So the question is – Why destroy something that takes 100 plus years to create for something that takes only 10 years to create? The controversy is not the value of young forests but the implementation.

A movement to preserve our mature forests has emerged with the concept of 'Proforestration'. Let our forests grow. It not only preserves the fragile ecosystem that takes 100 plus years to develop but it is the best way to maximize carbon sequestration for climate change. This is the most good for the most number of plants & animals including people for the most time!

It's time to think SPRING

Claytonia virginica - Spring Beauty - Flower

Our earliest recorded sighting of a spring beauty was March 24!

Look closely at a spring beauty flower. Can you identify the male or female phases? Did you know research was done on color variations of the flowers? Do you know what goes on underground after the plant dies off in early summer?

Virginia Spring Beauty:
Claytonia virginica

  Read more about spring beauty


The "New Jersey Endangered and Threatened Plant Protection Act," was re-introduced in 2020 as NJ Bill # A985, (2019 as NJ BILL 5201). It has many plant protective points but also some very controversial parts.

This bill would prohibit certain actions relative to endangered and threatened plant species, and would direct the Commissioner of Environmental Protection to establish programs for protection of endangered and threatened plant species.

Many listed plants are commercially available since they are not globally rare. Consequently, the following section is controversial:

The bill would prohibit without a permit the transport, export, and import of endangered/threatened plants and the selling or the offering to sell a listed plant species.

To become more informed: NJ Threathened & Endangered Plant Bill

"No-See-Ums" Plants

Southern twadeblade Listera australis

Southern Twadeblade: Listera australis

If it weren't for the pair of little green leaves near the bottom you wouldn't have known they were there. 

It was ranked S2 (Imperiled in state usually 6 to 20 occurrences) in the 2010 list of NJ endangered and threathened plants. However, in the 2016 list, it is no longer listed. Presumably folks with "eagle eyes" found more populations.

Read more about them:  Read More

They bloom spring and was just added our spring collection  Spring Photo Gallery.

Effects of overabundant deer and other factors in northern New Jersey

This is a scholarly article documenting the regional changes to forest understories since the mid-twentieth century by Jay F. Kelly Ph.D., Raritan Valley Community College

He looks at changes in species and size of woody plants and the impact of deer on them. Other factors are studied also, however, deer is the overwhelming factor. He compares old data, current data and data from deer exclosures.

From the abstract: "Because deer strongly reduce tree recruitment, shift species composition, and reduce understory cover across large spatial scales, they represent a significant concern for forest managers and an issue that should be effectively addressed."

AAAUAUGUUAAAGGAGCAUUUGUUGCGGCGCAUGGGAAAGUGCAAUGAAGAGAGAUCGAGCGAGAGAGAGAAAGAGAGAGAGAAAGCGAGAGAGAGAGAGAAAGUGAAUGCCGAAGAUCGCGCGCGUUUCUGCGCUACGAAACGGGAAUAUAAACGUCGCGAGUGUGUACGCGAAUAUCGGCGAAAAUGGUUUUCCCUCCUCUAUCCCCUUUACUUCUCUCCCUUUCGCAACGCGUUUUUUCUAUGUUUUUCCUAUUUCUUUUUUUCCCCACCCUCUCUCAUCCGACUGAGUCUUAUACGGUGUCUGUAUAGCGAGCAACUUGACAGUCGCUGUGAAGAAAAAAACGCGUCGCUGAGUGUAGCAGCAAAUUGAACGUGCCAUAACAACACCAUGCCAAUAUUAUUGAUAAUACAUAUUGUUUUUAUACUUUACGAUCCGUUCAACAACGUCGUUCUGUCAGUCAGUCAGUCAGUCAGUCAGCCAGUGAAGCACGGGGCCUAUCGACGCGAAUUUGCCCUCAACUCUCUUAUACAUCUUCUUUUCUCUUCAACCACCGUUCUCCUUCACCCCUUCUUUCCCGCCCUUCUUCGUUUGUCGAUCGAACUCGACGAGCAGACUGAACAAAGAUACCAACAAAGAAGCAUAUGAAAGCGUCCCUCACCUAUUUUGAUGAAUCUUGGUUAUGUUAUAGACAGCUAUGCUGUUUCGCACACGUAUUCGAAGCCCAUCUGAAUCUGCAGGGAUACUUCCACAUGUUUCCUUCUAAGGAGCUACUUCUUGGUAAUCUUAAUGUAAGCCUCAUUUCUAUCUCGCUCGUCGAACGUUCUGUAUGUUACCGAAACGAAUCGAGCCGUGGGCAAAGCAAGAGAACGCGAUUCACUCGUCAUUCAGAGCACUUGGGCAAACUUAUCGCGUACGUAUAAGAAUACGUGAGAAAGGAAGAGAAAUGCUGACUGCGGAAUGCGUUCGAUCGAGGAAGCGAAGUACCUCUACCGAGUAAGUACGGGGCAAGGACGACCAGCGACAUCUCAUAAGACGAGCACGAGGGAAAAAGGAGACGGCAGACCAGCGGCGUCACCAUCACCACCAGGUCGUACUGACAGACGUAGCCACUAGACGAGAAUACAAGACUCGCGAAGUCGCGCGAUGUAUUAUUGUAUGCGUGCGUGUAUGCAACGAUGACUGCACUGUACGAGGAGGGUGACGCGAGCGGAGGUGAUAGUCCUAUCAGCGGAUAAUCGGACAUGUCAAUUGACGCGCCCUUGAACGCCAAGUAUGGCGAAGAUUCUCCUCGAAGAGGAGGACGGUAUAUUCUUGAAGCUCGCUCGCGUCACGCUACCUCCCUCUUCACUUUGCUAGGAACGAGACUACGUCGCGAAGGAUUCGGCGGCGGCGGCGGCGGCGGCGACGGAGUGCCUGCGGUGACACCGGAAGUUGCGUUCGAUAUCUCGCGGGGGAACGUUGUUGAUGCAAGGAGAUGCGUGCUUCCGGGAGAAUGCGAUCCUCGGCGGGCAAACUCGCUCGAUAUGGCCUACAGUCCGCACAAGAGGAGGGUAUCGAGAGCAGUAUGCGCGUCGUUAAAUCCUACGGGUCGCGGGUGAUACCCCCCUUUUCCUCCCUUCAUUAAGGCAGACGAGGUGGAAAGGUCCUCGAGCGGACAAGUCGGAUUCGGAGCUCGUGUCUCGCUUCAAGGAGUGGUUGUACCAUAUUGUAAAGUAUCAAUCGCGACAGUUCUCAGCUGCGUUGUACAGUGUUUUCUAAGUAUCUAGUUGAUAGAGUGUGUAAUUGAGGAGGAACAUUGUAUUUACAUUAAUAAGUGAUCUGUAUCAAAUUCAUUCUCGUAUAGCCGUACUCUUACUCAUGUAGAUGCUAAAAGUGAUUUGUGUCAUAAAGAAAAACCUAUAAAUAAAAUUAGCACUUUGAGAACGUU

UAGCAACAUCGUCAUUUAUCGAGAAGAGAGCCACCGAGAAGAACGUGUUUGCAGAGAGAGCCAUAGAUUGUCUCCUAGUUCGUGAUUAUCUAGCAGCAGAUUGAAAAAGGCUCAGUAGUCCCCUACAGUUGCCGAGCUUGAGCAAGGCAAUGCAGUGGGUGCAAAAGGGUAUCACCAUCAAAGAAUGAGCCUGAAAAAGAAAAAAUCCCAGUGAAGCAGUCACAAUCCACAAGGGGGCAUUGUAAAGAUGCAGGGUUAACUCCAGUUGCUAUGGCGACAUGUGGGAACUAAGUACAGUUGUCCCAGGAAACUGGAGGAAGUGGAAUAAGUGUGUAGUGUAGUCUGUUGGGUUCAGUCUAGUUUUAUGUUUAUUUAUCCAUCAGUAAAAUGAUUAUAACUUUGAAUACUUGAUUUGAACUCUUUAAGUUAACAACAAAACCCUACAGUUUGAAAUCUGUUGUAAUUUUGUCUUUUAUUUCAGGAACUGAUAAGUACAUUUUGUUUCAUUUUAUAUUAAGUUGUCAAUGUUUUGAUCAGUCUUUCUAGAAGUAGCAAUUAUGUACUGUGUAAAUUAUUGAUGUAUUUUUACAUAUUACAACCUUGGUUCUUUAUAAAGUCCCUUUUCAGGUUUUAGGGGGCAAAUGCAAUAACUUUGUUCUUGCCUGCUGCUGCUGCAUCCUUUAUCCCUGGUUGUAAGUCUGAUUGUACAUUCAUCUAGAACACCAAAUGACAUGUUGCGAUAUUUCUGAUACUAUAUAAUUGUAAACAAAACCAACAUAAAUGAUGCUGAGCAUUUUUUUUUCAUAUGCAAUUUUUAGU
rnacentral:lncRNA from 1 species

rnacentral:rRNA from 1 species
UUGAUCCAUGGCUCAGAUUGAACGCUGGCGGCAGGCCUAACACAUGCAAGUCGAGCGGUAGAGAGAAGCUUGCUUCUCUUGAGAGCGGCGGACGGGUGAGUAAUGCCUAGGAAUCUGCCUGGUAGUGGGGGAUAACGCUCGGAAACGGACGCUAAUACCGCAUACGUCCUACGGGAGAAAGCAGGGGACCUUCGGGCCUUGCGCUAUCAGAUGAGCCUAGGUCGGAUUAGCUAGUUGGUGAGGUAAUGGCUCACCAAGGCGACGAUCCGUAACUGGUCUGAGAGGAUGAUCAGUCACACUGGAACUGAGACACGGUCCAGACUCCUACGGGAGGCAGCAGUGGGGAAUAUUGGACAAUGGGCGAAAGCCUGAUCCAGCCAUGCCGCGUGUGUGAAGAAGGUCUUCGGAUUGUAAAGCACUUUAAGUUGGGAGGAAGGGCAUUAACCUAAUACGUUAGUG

Average deer population in NJ in 1998 was 38 deer per sq. mi. Update: in 2019, the average count was 120-140 deer per sq. mi. in many areas*. When deer population is higher than 10 deer per sq. mi. then deer impact becomes evident. The highest regional densities of 75 per sq. mi. occurred in northern-central New Jersey

We see the deer impact where ever the land is not covered with buildings, asphalt or grass!

* Ryck Suydam, president of the New Jersey Farm Bureau, April 2019

Please read: Effects of overabundant deer and other factors in northern New Jersey

Read more articles on NJ Native plants: All About Natives  

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Find out everything there is to know about the native flora of New Jersey, learn from the experts on native plants, get the latest on interesting activities near you, or join one of the many opportunities to participate in the growing national native plant movement — right here in the Garden State.

The Native Plant Society of New Jersey is a statewide non-profit organization dedicated to the appreciation, protection, and study of the native flora of New Jersey. Founded in 1985, we have hundreds of members across the state, and are organized into county and regional chapters. Our members include gardeners, horticulturists, naturalists, landscape designers, students, and native plant enthusiasts from all walks of life.

We conduct regular lectures and presentations with featured speakers on topics ranging from introduction to native plants, gardening with natives, identification and appreciation of the beautiful flora and ecosystems of New Jersey, ecological landscaping, and much more. Our annual meeting is a must-attend event for anyone involved in the native plant movement in New Jersey. We organize nature walks and garden tours, dispense advice on design and maintenance of native gardens and landscapes, and have helped establish native plant gardens around the state.